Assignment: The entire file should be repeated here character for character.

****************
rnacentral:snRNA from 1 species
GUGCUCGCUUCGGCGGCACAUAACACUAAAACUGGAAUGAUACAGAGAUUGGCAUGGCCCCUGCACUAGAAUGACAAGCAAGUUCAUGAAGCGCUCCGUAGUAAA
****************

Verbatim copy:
rnacentral:snRNA from 1 species
GUGCUCGCUUCGGCGGCACAUAACACUAAAACUGGAAUGAUACAGAGAUUGGCAUGGCCCCUGCACUAGAAUGACAAGCAAGUUCAUGAAGCGCUCCGUAGUAAA